Thirteen years ago this week, I met a man — a living saint, many insisted — who broke my heart and forever changed my life.
Jean Vanier, the Canadian theologian, philosopher and humanitarian who died Tuesday (May 7) at the mighty age of 90, was just 77 years old when our paths crossed in Chicago on a glorious spring day in May 2006.
Vanier, the founder of L’Arche, an international network of small communities where adults with intellectual and physical disabilities and those without them live, work and care for each other, was in town from his home in France to accept a Blessed Are the Peacemakers Award from one of the city’s many seminaries.
As religion writer for the Chicago Sun-Times at the time, I was dispatched to cover the great man’s public address.
Running late, I arrived at the Catholic Theological Union just as Vanier was introduced to the standing-room-only crowd and walked toward the microphone.
I plopped down on the floor cross-legged not far from the dais, grabbed my reporter’s notebook, turned on my audio recorder and started taking notes.
Just another day in the life of an ink-stained wretch, I thought.
But then, Vanier started talking.
About 10 minutes into his address, Vanier began to tell the story of a serial killer — a man imprisoned for murdering five women.
I leaned in, wondering where he was going with this unexpected narrative.
“He needs someone who will see that behind all those walls that have been created, there’s a little child who has never been awakened,” Vanier, a towering man with a slight stoop that made it seem as if he were bowing to everyone he met, said with characteristic quiet gentleness.
“Will one day he find somebody who will reveal to him his beauty? That he is a child of God? That he is precious?”
The idea that a serial killer, despite the sins and horrors he has perpetrated, remains precious to God and should, Vanier seemed to suggest, also be precious to us, touched me in such a profound way I scarcely have appropriate words to describe it all these years later.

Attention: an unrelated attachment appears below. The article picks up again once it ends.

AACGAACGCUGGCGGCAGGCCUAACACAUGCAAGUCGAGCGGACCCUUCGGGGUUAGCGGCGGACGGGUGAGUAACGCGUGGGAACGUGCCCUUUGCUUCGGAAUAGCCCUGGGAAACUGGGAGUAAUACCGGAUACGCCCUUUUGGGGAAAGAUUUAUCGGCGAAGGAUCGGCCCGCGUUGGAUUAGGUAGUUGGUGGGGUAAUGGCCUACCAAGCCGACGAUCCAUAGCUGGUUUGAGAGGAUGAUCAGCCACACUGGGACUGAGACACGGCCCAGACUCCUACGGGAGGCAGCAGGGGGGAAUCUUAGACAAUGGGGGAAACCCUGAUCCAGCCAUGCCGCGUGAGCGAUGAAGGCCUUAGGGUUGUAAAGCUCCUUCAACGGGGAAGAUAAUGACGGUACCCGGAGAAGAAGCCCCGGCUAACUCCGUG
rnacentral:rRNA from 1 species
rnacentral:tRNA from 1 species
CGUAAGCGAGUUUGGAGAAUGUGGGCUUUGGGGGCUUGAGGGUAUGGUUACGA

It was as if Vanier’s radical compassion broke something in my soul that needed to be broken. It widened the aperture of my heart, making room to accommodate a love more expansive than I thought myself capable of feeling or giving.
“The quest is not just believing in God, but believing in other people,” Vanier continued. “Believing in ourselves as children of God, and that we are called to see other people as God sees them, not as we would like them to be.”
This can be done only when we are in relationship with another, when we take the time to connect, to listen — really listen — to what someone is saying, to hear the story behind the story, he said.
“Tell me your story, your pain, your suffering, your cry, your needs,” Vanier said. “Tell me about your childhood, tell me what you maybe remember. Tell me. Tell me your dreams. Tell me your hopes.”
Vanier started L’Arche (“ark” in French) in 1964 after learning about what many people with disabilities suffered in psychiatric hospitals and other institutions at the time.
He invited two men with disabilities to live with him in his small home in Trosly, about 60 miles north of Paris. He thought he was doing a good deed for the two men, Philippe Seux and Raphael Simi.
Over time, Vanier learned it was not for, but with Seux and Simi, his friends and equals.
Today L’Arche has more than 150 homes in 37 countries.
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Source: Religion News Service